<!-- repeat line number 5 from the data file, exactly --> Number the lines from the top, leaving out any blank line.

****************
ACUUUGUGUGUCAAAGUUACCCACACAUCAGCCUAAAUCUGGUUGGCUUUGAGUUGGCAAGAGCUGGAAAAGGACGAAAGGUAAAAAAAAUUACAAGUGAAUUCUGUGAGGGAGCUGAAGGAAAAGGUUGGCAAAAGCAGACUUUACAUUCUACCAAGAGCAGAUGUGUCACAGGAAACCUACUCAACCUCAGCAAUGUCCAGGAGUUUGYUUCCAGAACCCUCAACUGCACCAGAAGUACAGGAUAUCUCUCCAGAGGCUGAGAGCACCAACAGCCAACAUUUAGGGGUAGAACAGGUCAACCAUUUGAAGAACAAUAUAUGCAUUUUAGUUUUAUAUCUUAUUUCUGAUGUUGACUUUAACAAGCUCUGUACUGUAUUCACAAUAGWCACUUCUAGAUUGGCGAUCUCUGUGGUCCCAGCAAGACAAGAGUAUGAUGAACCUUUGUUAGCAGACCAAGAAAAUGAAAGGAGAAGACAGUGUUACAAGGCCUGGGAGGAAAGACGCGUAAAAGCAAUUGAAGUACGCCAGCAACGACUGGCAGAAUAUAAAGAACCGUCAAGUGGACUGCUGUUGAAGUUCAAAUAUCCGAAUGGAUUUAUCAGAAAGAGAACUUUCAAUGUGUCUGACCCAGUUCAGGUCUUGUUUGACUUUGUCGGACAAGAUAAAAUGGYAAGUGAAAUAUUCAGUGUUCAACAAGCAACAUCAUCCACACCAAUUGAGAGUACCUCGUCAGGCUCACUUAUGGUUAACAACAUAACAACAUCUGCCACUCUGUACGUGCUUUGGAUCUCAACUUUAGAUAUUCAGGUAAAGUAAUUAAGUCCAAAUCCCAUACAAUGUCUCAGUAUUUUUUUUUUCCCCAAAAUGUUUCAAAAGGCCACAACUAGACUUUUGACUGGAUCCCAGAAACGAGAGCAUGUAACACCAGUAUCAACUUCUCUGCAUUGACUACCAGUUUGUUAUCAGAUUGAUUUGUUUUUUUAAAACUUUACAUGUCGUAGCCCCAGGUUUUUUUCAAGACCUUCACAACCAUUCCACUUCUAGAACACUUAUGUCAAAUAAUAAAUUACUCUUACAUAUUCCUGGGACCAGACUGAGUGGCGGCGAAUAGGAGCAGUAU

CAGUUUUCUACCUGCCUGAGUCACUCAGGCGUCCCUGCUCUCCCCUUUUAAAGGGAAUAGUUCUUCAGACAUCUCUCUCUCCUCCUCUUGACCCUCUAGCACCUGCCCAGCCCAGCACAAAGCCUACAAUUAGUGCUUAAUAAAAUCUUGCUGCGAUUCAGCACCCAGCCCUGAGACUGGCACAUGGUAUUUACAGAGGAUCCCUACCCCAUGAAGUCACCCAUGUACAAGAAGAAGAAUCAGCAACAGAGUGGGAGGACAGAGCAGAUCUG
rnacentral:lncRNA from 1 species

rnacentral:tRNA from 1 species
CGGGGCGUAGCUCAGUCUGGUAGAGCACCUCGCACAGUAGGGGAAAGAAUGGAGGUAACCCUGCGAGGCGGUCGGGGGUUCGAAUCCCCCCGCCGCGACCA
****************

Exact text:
CGGGGCGUAGCUCAGUCUGGUAGAGCACCUCGCACAGUAGGGGAAAGAAUGGAGGUAACCCUGCGAGGCGGUCGGGGGUUCGAAUCCCCCCGCCGCGACCA